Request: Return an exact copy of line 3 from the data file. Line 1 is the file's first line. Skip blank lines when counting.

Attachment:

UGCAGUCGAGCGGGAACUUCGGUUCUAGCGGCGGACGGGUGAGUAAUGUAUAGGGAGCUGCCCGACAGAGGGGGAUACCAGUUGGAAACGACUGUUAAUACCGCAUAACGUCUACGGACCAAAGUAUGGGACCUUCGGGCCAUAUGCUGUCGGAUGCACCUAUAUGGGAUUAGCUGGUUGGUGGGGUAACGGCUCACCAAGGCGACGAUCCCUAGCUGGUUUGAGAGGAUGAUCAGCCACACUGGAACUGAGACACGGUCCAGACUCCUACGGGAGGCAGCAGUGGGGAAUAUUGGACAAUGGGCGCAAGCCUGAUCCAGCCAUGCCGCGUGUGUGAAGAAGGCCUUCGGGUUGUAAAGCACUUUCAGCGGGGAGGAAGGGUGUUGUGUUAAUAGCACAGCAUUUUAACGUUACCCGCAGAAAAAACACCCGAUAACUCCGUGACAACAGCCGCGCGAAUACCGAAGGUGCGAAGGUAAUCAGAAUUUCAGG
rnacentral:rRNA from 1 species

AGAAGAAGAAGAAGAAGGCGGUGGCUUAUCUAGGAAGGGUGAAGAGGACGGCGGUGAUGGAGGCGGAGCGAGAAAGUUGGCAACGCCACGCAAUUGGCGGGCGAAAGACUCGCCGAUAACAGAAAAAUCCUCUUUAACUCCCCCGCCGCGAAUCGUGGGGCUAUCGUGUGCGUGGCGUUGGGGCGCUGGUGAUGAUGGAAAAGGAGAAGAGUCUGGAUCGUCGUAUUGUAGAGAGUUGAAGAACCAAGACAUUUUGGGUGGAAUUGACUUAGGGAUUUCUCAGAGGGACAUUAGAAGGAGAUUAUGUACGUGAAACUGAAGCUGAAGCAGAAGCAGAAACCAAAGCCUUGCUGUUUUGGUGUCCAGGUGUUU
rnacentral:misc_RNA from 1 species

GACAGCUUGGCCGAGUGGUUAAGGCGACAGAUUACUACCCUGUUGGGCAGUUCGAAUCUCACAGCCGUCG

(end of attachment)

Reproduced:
AGAAGAAGAAGAAGAAGGCGGUGGCUUAUCUAGGAAGGGUGAAGAGGACGGCGGUGAUGGAGGCGGAGCGAGAAAGUUGGCAACGCCACGCAAUUGGCGGGCGAAAGACUCGCCGAUAACAGAAAAAUCCUCUUUAACUCCCCCGCCGCGAAUCGUGGGGCUAUCGUGUGCGUGGCGUUGGGGCGCUGGUGAUGAUGGAAAAGGAGAAGAGUCUGGAUCGUCGUAUUGUAGAGAGUUGAAGAACCAAGACAUUUUGGGUGGAAUUGACUUAGGGAUUUCUCAGAGGGACAUUAGAAGGAGAUUAUGUACGUGAAACUGAAGCUGAAGCAGAAGCAGAAACCAAAGCCUUGCUGUUUUGGUGUCCAGGUGUUU